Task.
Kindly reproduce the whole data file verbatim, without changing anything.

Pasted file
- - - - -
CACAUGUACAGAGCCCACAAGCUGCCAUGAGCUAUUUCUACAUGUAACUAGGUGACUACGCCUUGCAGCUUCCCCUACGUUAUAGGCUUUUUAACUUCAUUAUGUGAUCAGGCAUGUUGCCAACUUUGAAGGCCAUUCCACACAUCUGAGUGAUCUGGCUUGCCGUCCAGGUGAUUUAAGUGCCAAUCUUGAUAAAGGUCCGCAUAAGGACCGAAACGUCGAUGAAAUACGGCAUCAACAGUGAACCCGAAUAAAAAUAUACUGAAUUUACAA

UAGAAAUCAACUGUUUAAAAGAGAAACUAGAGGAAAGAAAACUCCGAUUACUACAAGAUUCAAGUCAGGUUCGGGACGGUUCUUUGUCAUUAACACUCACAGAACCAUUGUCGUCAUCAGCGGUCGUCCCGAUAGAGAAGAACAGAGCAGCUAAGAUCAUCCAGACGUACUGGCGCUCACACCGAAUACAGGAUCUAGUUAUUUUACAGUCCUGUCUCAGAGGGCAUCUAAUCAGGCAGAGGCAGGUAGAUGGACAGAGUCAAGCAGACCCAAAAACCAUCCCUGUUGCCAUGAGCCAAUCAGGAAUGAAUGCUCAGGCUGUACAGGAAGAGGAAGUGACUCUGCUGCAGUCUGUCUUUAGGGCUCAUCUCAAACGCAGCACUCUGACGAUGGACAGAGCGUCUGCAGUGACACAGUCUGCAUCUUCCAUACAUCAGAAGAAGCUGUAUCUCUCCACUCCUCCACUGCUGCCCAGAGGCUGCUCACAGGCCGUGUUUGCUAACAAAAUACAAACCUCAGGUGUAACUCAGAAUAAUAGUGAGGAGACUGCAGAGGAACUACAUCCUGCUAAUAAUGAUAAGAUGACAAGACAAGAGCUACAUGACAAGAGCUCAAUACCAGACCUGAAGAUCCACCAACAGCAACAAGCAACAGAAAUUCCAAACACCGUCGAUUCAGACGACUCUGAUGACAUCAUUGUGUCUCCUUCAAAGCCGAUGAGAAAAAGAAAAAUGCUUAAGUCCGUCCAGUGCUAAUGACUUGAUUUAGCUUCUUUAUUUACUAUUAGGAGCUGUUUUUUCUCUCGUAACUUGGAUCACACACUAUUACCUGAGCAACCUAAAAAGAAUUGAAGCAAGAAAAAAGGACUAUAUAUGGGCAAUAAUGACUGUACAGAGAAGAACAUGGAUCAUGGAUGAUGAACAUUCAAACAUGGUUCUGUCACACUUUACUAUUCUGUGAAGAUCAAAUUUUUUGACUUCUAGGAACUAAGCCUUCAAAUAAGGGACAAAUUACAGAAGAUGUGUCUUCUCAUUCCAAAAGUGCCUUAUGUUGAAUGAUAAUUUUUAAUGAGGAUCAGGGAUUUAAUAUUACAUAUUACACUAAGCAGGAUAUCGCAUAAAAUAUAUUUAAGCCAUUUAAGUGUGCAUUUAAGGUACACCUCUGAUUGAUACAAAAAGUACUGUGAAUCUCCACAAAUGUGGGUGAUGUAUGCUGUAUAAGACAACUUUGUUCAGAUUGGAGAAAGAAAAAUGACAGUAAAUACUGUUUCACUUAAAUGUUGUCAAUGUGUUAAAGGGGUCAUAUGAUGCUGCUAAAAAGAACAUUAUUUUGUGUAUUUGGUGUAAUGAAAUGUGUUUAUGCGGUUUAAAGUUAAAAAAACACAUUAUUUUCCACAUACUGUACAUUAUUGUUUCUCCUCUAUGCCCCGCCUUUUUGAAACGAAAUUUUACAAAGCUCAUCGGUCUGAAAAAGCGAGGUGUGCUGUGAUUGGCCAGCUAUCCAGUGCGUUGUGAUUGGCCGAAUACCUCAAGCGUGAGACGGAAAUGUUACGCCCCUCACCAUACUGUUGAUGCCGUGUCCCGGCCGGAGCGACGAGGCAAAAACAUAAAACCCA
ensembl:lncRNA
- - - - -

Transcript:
CACAUGUACAGAGCCCACAAGCUGCCAUGAGCUAUUUCUACAUGUAACUAGGUGACUACGCCUUGCAGCUUCCCCUACGUUAUAGGCUUUUUAACUUCAUUAUGUGAUCAGGCAUGUUGCCAACUUUGAAGGCCAUUCCACACAUCUGAGUGAUCUGGCUUGCCGUCCAGGUGAUUUAAGUGCCAAUCUUGAUAAAGGUCCGCAUAAGGACCGAAACGUCGAUGAAAUACGGCAUCAACAGUGAACCCGAAUAAAAAUAUACUGAAUUUACAA

UAGAAAUCAACUGUUUAAAAGAGAAACUAGAGGAAAGAAAACUCCGAUUACUACAAGAUUCAAGUCAGGUUCGGGACGGUUCUUUGUCAUUAACACUCACAGAACCAUUGUCGUCAUCAGCGGUCGUCCCGAUAGAGAAGAACAGAGCAGCUAAGAUCAUCCAGACGUACUGGCGCUCACACCGAAUACAGGAUCUAGUUAUUUUACAGUCCUGUCUCAGAGGGCAUCUAAUCAGGCAGAGGCAGGUAGAUGGACAGAGUCAAGCAGACCCAAAAACCAUCCCUGUUGCCAUGAGCCAAUCAGGAAUGAAUGCUCAGGCUGUACAGGAAGAGGAAGUGACUCUGCUGCAGUCUGUCUUUAGGGCUCAUCUCAAACGCAGCACUCUGACGAUGGACAGAGCGUCUGCAGUGACACAGUCUGCAUCUUCCAUACAUCAGAAGAAGCUGUAUCUCUCCACUCCUCCACUGCUGCCCAGAGGCUGCUCACAGGCCGUGUUUGCUAACAAAAUACAAACCUCAGGUGUAACUCAGAAUAAUAGUGAGGAGACUGCAGAGGAACUACAUCCUGCUAAUAAUGAUAAGAUGACAAGACAAGAGCUACAUGACAAGAGCUCAAUACCAGACCUGAAGAUCCACCAACAGCAACAAGCAACAGAAAUUCCAAACACCGUCGAUUCAGACGACUCUGAUGACAUCAUUGUGUCUCCUUCAAAGCCGAUGAGAAAAAGAAAAAUGCUUAAGUCCGUCCAGUGCUAAUGACUUGAUUUAGCUUCUUUAUUUACUAUUAGGAGCUGUUUUUUCUCUCGUAACUUGGAUCACACACUAUUACCUGAGCAACCUAAAAAGAAUUGAAGCAAGAAAAAAGGACUAUAUAUGGGCAAUAAUGACUGUACAGAGAAGAACAUGGAUCAUGGAUGAUGAACAUUCAAACAUGGUUCUGUCACACUUUACUAUUCUGUGAAGAUCAAAUUUUUUGACUUCUAGGAACUAAGCCUUCAAAUAAGGGACAAAUUACAGAAGAUGUGUCUUCUCAUUCCAAAAGUGCCUUAUGUUGAAUGAUAAUUUUUAAUGAGGAUCAGGGAUUUAAUAUUACAUAUUACACUAAGCAGGAUAUCGCAUAAAAUAUAUUUAAGCCAUUUAAGUGUGCAUUUAAGGUACACCUCUGAUUGAUACAAAAAGUACUGUGAAUCUCCACAAAUGUGGGUGAUGUAUGCUGUAUAAGACAACUUUGUUCAGAUUGGAGAAAGAAAAAUGACAGUAAAUACUGUUUCACUUAAAUGUUGUCAAUGUGUUAAAGGGGUCAUAUGAUGCUGCUAAAAAGAACAUUAUUUUGUGUAUUUGGUGUAAUGAAAUGUGUUUAUGCGGUUUAAAGUUAAAAAAACACAUUAUUUUCCACAUACUGUACAUUAUUGUUUCUCCUCUAUGCCCCGCCUUUUUGAAACGAAAUUUUACAAAGCUCAUCGGUCUGAAAAAGCGAGGUGUGCUGUGAUUGGCCAGCUAUCCAGUGCGUUGUGAUUGGCCGAAUACCUCAAGCGUGAGACGGAAAUGUUACGCCCCUCACCAUACUGUUGAUGCCGUGUCCCGGCCGGAGCGACGAGGCAAAAACAUAAAACCCA
ensembl:lncRNA